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Corn Snake Vs Garter Snake (Behavior, Diet, Habitat, Pet Care)

Corn snakes and garter snakes share the same habitats in the United States, but both are pretty different in appearance. The corn snake is brightly colored, whereas the garter snake’s colors are quite dull.

While it is easy to identify a corn snake, pointing out a garter snake is not always straightforward. This is because there is a wide variety of garter snakes, as the name covers any snake that belongs to the genus Thamnophis.

Thus, their physical attributes may vary to a degree according to the individual species. Generally, though, a standard garter snake has three stripes running the length of their bodies. Some species have checkers and other markings.

The Better Pet: Corn snakes are non-venemous, look beautiful, and are quite docile. They’re a superior pet snake than garter snakes, although both are kept as pets.

Corn Snake Vs Garter Snake

Disclaimer: This is information for entertainment and educational purposes only. Do not approach a wild animal and keep your distance. Only professionals should handle wild animals. Seek professional help immediately if you have been bitten or otherwise harmedConsult your local wildlife authority for the right advice for your situation and locality.

Corn Snake vs Garter Snake

FeatureCorn SnakeGarter Snake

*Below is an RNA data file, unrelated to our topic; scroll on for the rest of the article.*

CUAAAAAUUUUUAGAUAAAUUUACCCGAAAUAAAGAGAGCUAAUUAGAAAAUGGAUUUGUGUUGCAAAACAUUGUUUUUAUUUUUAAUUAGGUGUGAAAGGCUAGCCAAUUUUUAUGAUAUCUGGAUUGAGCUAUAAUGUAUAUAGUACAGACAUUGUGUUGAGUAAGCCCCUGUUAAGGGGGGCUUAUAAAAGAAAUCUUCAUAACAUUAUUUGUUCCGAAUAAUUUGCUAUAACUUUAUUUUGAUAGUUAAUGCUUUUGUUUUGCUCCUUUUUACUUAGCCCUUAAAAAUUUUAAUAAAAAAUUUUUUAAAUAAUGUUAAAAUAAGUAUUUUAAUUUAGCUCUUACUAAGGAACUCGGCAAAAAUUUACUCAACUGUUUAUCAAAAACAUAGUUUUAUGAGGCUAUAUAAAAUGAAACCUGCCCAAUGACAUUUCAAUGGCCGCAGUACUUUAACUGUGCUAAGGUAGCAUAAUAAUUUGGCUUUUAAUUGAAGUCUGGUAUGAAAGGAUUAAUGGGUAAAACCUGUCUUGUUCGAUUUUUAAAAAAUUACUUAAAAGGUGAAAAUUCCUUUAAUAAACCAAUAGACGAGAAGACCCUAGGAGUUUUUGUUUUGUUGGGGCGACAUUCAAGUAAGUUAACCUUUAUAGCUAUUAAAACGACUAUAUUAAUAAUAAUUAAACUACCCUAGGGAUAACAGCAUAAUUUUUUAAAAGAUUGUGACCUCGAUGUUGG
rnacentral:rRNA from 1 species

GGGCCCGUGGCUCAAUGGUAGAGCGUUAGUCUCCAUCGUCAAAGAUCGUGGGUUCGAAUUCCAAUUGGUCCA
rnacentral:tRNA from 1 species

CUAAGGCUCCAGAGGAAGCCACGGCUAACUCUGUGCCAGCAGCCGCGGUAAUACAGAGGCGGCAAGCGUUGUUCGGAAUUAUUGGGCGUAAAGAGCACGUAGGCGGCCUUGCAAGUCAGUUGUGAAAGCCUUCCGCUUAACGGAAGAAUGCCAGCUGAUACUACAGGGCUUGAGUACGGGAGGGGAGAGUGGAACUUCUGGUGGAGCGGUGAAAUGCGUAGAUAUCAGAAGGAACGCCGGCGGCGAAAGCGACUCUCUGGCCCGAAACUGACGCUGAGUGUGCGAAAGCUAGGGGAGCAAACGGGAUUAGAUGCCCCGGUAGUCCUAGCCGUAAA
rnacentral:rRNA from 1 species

1. Scientific NamePantherophis guttatusThamnophis
2. Size2 – 6 feet2 – 2.5 feet
3. ColorsReds, oranges, whites, pinks, yellows, grays.Varies. Usually black, brown and yellow.
4. RangeSouth-Eastern United States.Throughout North America.
5. Hunting BehaviorHunter & Constrictor.Non-Constrictor, Low Venom Toxicity.
6. Breeding SeasonSpring.Spring.
7. Lays EggsYes (oviparous).No (ovoviviparous).
8. Pet BehaviorUsually docileSkittish.
9. Warm Side Cage Temperature80-85°F80-85°F
10. Cool Side Cage Temperature75-80°F 75-80°F
11. VenomNoYes, but very low toxicity.
12. CostStarting at $70Starting at $20
13. Life Expectancy (In Captivity)6 – 25 years2 – 9 years
14. DietRodents, frogs, bird eggs.Frogs, earthworms, lizards, slugs, minnows, and small rodents.

Corn Snake Overview

Corn snakes are a variant of the rat snake family, which is primarily found in the southeastern United States. They belong to the genus Pantherophis, and their scientific name is Pantherophis guttatus.

The main food for this species is rats. However, that does not mean that they do not feed on anything else. Corn snakes also feed on other types of rodents, birds, and small mammals.

As they are non-venomous and pretty docile, corn snakes are popular snake pets, especially for beginner hobbyists. They are small, meaning they can fit in small enclosures. Moreover, they are not the most high-maintenance of snakes.

Related Article: Do Corn Snakes Bite?

Garter Snake Overview

There are 35 species of garter snakes under the genus Thamnophis.  Some of them include the Western Ribbon snake, the Giant Garter Snake, the Western Ribbon Snake, and the Common Garter Snake.

Garter snakes are also closely related to water snakes of the genera Nerodia, as they tend to spend a lot of time near water bodies.

Garter snakes have a wide distribution within North America as different species have different diets and are adapted to different habitats.